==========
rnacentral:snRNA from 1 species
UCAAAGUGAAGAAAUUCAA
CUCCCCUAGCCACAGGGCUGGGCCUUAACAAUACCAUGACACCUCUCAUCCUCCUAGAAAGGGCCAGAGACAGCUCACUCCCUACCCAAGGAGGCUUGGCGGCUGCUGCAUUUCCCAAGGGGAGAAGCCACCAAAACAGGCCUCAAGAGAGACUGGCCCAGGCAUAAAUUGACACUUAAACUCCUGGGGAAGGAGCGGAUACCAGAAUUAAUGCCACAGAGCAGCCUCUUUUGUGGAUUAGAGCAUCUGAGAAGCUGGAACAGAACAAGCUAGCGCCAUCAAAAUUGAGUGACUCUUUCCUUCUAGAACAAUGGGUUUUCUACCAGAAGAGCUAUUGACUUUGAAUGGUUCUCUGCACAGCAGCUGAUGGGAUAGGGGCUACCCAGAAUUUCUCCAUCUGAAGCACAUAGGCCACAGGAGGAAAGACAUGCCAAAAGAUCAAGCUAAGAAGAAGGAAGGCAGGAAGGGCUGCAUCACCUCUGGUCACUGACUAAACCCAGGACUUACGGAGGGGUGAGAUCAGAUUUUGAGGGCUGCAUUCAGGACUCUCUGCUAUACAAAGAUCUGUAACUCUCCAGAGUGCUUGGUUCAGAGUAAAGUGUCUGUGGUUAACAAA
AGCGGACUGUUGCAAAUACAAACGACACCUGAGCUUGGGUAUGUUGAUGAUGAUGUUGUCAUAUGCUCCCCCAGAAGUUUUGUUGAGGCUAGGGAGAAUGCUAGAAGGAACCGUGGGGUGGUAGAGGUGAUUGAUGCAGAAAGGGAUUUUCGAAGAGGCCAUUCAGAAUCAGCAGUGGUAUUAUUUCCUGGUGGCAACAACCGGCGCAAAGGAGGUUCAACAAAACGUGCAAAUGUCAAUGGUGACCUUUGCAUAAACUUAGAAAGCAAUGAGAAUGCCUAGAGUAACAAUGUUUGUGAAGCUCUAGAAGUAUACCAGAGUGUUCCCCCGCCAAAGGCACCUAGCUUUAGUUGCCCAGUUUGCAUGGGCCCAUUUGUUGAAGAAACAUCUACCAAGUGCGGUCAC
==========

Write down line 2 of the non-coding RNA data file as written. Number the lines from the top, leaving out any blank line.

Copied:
UCAAAGUGAAGAAAUUCAA